A fasting blood sample was obtained for measurement of plasma glucose, free fatty acids, hs-CRP, cholesterol and hs-CRP and were analysed by a commercial hospital laboratory. Insulin was measured using ELISA (Mercodia AB, Uppsala, Sweden). To calculate the homeostasis model assessment for insulin resistance (HOMA-IR) the following formula was used: fasting insulin (pmol/l) × fasting glucose (mM/l)/135 and used as a measure of insulin resistance .
CMR protocol for aortic distensibility
All vascular imaging was performed at 1.5-Tesla (Avanto, Siemens Medical Solutions, Erlangen, Germany). Based on sagittal-oblique (candy cane) pilot images aligned with the aortic arch, thoracic aortic cine images were acquired in transverse planes at 3 levels as previously described:  the crossing of the pulmonary arch through 1) the ascending thoracic aorta (Ao), 2) proximal descending thoracic aorta (PDA) and 3) 12 cm below the PDA level piloted perpendicular to the orientation of the aorta (distal descending aorta, DDA). A brachial artery blood pressure was recorded during image acquisition to provide pulse pressure .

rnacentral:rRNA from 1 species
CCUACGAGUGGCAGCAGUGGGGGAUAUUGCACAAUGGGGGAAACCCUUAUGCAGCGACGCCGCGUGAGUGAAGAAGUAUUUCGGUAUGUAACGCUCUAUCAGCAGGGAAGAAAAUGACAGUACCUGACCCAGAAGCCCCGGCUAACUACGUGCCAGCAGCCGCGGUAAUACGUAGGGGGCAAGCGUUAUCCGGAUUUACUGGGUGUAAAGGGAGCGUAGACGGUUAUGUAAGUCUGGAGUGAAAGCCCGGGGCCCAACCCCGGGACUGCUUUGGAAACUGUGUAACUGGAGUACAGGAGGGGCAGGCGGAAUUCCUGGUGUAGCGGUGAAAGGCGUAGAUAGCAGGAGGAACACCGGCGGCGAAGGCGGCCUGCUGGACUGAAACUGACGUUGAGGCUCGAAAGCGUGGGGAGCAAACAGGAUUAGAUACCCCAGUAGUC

CMR protocol for aortic pulse wave velocity
CMR protocols for visceral fat mass
To measure visceral fat mass, a single breath-hold, single-slice, water-suppressed T1-weighted turbo spin echo sequence centred on L5 was acquired as previously described .
Image analysis was performed using Siemens analytical software (Argus ©, Siemens Medical Solutions, Erlangen, Germany). To analyse aortic PWV, flow images were manually contoured  and aortic PWV was determined as Δx/Δt (m/s), where Δx is the aortic distance between two imaging levels and Δt is time delay between the arrival of the foot of the pulse wave between these imaging levels (Figure 1) . The arrival of the foot of the pulse wave was taken as the intersection of the tangent (determined by a least squares method of the four flow points around the half maximal point of flow) of the upslope of the flow curve and the x (time) axis as previously described ,. To assess visceral fat mass, transverse slices were manually countered as previously described .